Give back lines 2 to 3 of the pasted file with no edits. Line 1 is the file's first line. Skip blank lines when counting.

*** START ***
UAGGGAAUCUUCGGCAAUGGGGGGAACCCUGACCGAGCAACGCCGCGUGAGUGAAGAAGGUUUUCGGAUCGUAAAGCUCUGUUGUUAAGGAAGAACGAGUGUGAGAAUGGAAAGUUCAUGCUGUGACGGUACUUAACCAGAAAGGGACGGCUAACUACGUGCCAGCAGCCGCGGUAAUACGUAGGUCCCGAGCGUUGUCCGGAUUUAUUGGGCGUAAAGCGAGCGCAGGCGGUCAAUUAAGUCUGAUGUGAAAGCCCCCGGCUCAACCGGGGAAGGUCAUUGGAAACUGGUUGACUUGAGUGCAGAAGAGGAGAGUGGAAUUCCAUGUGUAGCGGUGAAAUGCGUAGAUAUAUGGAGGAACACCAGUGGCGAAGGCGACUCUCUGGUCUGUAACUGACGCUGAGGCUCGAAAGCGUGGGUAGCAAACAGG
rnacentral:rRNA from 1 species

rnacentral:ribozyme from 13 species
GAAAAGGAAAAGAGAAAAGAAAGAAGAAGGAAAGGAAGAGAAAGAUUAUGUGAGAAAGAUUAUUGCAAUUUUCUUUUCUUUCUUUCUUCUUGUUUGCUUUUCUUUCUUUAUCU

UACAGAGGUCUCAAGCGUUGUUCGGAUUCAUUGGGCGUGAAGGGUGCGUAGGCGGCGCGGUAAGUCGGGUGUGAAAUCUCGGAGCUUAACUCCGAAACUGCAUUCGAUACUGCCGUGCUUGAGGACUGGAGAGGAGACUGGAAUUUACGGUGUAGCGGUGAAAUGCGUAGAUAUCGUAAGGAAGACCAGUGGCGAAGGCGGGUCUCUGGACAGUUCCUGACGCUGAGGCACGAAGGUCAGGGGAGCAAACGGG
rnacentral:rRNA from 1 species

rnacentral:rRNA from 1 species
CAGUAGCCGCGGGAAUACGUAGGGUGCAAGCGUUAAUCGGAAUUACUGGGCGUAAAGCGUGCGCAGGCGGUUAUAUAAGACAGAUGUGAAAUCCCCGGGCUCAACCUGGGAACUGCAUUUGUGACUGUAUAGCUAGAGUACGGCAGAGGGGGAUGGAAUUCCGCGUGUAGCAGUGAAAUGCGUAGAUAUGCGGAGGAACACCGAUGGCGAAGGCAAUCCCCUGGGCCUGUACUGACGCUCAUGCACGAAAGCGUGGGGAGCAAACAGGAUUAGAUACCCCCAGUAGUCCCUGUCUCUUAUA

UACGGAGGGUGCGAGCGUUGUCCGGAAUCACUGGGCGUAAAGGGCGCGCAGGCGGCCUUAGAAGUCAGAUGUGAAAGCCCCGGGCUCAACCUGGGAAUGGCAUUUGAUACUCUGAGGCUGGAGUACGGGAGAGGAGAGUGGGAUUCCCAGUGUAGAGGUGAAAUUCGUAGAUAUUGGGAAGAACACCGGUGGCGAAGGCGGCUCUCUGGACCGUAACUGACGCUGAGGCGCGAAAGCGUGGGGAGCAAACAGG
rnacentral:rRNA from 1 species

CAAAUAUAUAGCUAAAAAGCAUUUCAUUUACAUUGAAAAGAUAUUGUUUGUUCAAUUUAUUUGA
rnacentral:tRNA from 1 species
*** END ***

rnacentral:rRNA from 1 species

rnacentral:ribozyme from 13 species